A trust can help divorced parents protect a child’s inheritance

Being a parent often means putting the needs of your child before yourself. All parents have to make sacrifices and changes to their lifestyle to provide for their children. Parents of special-needs children often have to do exceptional things to protect their children and their best interests as they grow up.

Unfortunately, the strain of raising special needs children can often undermine the relationship that resulted in a child. Many families with children with conditions like autism will see the parents divorce at some point: These families may have higher overall divorce rates.

That can create unique and special considerations for both parents when it comes to estate planning and caring for their special needs child. A traditional inheritance may not be the best option, especially if the child in question cannot advocate for themselves.

A well-designed trust keeps the other parent out of the assets

The biggest concern with simply naming your child as your heir is that if you die while they are still a minor, your ex-spouse will likely gain control over all the assets you left behind for your child. There are many reasons why that would not be an ideal situation, including the potential for inappropriate use of that inheritance for the enrichment of your ex’s life instead of your child’s.

In some cases, one parent can spend enough money to leave nothing behind for the child when they reach the age of majority. If your child has special needs that preclude them from understanding the money you left behind or their need for continued financial support, it is possible for a parent or caregiver to take advantage of that.

By creating a trust, you help ensure that the money you leave for your child gets used only for the care of your child. You also help ensure that your child still has access to state support programs.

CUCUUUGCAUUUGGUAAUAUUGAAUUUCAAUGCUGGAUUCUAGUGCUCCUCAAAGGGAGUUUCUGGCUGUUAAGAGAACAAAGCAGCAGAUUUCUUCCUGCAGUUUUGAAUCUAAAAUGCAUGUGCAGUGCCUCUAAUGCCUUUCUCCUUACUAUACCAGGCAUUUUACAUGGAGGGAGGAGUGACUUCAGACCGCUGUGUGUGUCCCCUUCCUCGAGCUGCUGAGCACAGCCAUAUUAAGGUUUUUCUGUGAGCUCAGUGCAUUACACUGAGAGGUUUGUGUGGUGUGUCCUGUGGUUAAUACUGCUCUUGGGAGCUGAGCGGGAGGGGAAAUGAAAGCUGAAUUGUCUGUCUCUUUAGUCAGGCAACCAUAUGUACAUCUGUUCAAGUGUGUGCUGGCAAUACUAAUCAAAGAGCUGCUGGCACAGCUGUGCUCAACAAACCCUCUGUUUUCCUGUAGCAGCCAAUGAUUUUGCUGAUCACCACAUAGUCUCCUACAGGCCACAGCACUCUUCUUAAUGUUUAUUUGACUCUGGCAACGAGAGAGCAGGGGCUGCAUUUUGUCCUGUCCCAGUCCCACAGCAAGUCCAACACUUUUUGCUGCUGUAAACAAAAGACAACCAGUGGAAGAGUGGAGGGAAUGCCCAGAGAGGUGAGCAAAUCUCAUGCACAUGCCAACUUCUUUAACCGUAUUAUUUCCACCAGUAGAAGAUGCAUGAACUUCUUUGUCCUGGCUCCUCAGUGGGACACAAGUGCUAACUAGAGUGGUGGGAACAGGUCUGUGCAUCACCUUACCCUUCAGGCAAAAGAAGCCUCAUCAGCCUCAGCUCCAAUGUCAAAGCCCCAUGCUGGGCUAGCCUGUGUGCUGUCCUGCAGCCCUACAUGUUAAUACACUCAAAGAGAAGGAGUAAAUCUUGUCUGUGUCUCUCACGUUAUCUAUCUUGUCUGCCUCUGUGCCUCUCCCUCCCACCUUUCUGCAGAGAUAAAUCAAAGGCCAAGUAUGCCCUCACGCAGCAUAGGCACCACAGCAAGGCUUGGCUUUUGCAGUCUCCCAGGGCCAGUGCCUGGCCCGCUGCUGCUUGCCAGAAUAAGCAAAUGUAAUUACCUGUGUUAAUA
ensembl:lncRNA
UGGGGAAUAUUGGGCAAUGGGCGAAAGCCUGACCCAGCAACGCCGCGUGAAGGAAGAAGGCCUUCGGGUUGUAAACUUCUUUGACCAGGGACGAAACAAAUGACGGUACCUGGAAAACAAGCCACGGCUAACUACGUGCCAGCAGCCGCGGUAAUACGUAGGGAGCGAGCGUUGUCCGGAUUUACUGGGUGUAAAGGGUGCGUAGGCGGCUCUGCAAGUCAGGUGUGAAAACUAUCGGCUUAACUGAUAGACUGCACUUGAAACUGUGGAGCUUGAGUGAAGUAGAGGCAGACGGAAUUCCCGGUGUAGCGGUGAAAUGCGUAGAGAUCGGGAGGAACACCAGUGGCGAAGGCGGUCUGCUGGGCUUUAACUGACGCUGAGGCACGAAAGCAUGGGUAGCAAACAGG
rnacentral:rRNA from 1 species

A special needs trust lets you control how your assets get used

With a standard last will, the beneficiary has the option of doing whatever they want with the assets. With a trust, the person leaving the assets behind has more of a say in what is done with those resources.

For example, the trust may limit how much the trustee or caregiver can withdraw for expenses for the special needs child in any month or year. The trust may also prohibit the use of funds for unnecessary items, such as trips or gifts. Instead, you can require that the money go directly toward housing, food and other life necessities.

Regardless of whether you have primary custody of your special needs child, if you divorce your spouse, you may want to really think about how you plan your last will. Creating a trust may be the perfect way to protect your assets and your special needs child at the same time.

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Kevin Tharpe

With 25 years of experience, Kevin understands how estate planning, special needs planning, and government benefits programs work together. This is a crucial element of a thorough plan. He explains your eligibility for benefits programs and ensures that you do not make costly mistakes that may disqualify you or deplete your assets.

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